Read more: What Is Relevant Experience? Definition and Examples

4. Stay relevant

The skills and industry of analysts are constantly evolving and improving, so it's important they stay relevant in their field. A large and important part of their role typically involves monitoring industry changes, forecasting trends, predicting patterns, and staying ahead in their specialist field. Actively researching your chosen industry and closely monitoring it while you're searching for a job may be useful, and it may be a good idea to continue doing so even after you've found employment. Having industry knowledge may make you an interesting candidate for hiring managers.

Key skills of a strategic analyst

Below are some of the key skills necessary for a strategy analyst:


As an analyst, it's important for you to be able to communicate your ideas and findings to your clients. A large part of your work may involve developing their business plans and strategies. So, you may find that being able to clearly communicate proposals to your clients is important. Having strong communication skills may help you to understand your clients' needs, goals, and feedback, which you can then reflect in the plans and strategies you draw up for them. Skills such as active listening, empathy, and adaptability can make you an excellent communicator.

Read more: How to Improve Communication Skills

Competitive analysis

An analyst's role involves being able to understand the industry and the businesses that operate in it. As you work to develop plans and strategies for your clients, it may be necessary for you to complete market positioning summaries and understand their major market competitors. Comparing how an organization is performing relative to its competitors may shape its business decisions and affect its financial planning choices. Having competitive analysis skills may help you successfully complete this research and allow you to identify your clients' key strengths and weaknesses relative to their competitors.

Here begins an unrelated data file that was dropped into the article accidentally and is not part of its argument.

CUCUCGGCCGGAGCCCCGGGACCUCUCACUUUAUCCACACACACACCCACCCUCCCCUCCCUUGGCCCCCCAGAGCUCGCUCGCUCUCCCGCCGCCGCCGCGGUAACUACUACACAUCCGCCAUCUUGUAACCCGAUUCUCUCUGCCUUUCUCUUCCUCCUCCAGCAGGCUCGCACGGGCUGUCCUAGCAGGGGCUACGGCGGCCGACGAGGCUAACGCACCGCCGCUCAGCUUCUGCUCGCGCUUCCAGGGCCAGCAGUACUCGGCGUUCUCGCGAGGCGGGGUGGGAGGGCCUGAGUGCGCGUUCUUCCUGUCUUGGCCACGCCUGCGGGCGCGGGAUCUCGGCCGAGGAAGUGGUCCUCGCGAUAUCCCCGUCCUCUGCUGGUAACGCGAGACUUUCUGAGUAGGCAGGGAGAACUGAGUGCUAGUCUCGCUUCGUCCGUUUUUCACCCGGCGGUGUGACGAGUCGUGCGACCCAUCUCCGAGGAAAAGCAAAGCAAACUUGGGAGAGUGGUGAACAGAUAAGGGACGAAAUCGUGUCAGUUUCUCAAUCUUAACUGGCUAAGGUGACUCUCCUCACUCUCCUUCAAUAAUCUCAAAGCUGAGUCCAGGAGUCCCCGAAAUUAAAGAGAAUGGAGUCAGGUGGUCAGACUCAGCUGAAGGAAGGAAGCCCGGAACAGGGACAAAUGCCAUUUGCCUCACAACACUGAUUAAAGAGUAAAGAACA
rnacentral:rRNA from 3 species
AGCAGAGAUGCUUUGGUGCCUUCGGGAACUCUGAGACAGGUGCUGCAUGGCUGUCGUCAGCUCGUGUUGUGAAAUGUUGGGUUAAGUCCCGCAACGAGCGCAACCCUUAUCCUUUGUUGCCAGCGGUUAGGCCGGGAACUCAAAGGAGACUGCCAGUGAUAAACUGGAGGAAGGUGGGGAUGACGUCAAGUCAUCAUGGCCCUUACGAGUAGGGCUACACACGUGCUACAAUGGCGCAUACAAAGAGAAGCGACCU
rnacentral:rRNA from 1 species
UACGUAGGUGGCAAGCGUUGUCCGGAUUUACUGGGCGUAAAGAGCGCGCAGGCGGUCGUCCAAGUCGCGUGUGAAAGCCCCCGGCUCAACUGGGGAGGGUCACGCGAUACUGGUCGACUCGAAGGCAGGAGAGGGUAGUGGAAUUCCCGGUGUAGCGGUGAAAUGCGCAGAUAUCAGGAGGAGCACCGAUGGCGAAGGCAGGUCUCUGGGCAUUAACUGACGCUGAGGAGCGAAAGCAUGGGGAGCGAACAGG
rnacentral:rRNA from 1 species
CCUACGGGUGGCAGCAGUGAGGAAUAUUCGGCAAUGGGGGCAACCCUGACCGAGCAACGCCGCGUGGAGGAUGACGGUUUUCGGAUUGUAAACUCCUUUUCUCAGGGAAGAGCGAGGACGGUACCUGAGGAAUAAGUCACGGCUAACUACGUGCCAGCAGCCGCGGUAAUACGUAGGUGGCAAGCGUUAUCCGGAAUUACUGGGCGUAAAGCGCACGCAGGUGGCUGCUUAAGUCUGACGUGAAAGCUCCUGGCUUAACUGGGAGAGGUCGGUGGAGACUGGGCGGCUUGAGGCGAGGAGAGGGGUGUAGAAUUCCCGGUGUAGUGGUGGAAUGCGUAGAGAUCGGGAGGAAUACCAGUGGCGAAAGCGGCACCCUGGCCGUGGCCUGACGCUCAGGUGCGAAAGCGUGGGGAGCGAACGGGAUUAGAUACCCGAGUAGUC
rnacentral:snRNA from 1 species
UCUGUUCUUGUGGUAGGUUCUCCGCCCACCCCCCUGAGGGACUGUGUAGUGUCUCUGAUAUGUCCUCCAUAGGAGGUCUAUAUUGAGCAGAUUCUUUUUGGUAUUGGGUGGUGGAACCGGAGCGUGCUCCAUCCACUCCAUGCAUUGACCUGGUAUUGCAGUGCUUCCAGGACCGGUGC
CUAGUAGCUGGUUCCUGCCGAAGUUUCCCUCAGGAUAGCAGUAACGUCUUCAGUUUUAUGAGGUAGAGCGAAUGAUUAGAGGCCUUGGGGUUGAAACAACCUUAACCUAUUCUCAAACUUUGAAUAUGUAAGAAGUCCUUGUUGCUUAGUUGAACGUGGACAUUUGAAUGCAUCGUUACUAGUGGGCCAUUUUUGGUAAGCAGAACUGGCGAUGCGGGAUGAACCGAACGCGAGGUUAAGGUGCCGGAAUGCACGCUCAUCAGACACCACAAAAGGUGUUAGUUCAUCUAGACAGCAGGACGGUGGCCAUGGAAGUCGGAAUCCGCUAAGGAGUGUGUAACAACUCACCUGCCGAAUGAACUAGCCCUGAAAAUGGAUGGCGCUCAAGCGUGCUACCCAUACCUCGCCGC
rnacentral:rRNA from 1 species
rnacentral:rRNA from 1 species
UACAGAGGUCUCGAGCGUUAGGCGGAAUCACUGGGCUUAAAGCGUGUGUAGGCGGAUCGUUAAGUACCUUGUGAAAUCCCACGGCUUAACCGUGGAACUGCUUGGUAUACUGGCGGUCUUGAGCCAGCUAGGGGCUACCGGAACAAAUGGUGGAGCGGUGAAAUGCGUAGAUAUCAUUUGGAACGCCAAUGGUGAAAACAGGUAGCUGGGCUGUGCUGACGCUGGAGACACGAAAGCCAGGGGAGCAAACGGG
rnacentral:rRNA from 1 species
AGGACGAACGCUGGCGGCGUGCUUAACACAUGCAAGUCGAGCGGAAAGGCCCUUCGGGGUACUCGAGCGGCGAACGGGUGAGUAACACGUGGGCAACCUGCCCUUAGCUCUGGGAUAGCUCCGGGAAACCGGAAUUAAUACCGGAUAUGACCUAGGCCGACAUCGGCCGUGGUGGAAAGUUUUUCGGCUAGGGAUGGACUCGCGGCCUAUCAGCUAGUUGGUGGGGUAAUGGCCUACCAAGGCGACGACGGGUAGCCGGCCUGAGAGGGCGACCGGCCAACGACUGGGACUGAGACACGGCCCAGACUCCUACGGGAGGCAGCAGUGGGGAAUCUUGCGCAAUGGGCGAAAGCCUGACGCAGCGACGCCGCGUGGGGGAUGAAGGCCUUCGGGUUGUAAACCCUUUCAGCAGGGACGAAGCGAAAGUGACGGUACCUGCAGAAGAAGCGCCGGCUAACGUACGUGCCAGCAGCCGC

Read more: How to Write a Competitive Analysis in 5 Easy Steps

Market research

For you to develop an in-depth knowledge of the market your clients operate in, a significant amount of research may be necessary. This type of research involves understanding market trends and patterns and being aware of the main driving forces behind the market changes.

Having market research skills may allow you to identify these trends and patterns before other businesses, giving you a competitive edge in your business planning and strategy. These skills may also permit you to identify factors that other businesses may have overlooked, which may allow you to capitalize on them in your strategy.

Read more: What Does a Market Research Analyst Do? (With Skills)

Financial modelling

As analysts are responsible for business planning and forecasting, it may be necessary for them to complete financial calculations and carry out modelling to support their decisions. Financial modelling may provide evidence that explains why the modification of certain decisions or plans may be necessary. Having strong skills in this area may help you to complete these calculations and may also help you to make decisions quickly and effectively, with minimal error. While some larger firms may have specialist teams that provide this data, if you work with smaller businesses, they may expect you to provide the information.

Read more: A Guide to Financial Modelling for Startups (With Steps)

Project management

An analyst typically develops plans and strategies and may also implement them. Helping your clients implement long-term plans may involve balancing several goals, deadlines, and tasks as you guide them toward their objectives. Having strong project management skills may provide you with the expertise to oversee all the departments and business divisions working toward a common goal.

Depending on the size of the business you work for, the implementation of its plans and strategies may be your responsibility or that of upper management. One of your key skills as an analyst is being able to implement change throughout an organization.

Read more: A Guide to Project Management Leadership Styles (With Tips)


Identifying current and upcoming trends within a market is a key component of an analyst's job. As the business decisions of your clients depend on this forecasting, being able to provide up-to-date and relevant information is important. Your role may involve analyzing data to identify trends and patterns that a company can include in its strategy. Having strong forecasting skills may allow you to foresee new and future trends and draw conclusions effectively from large amounts of data.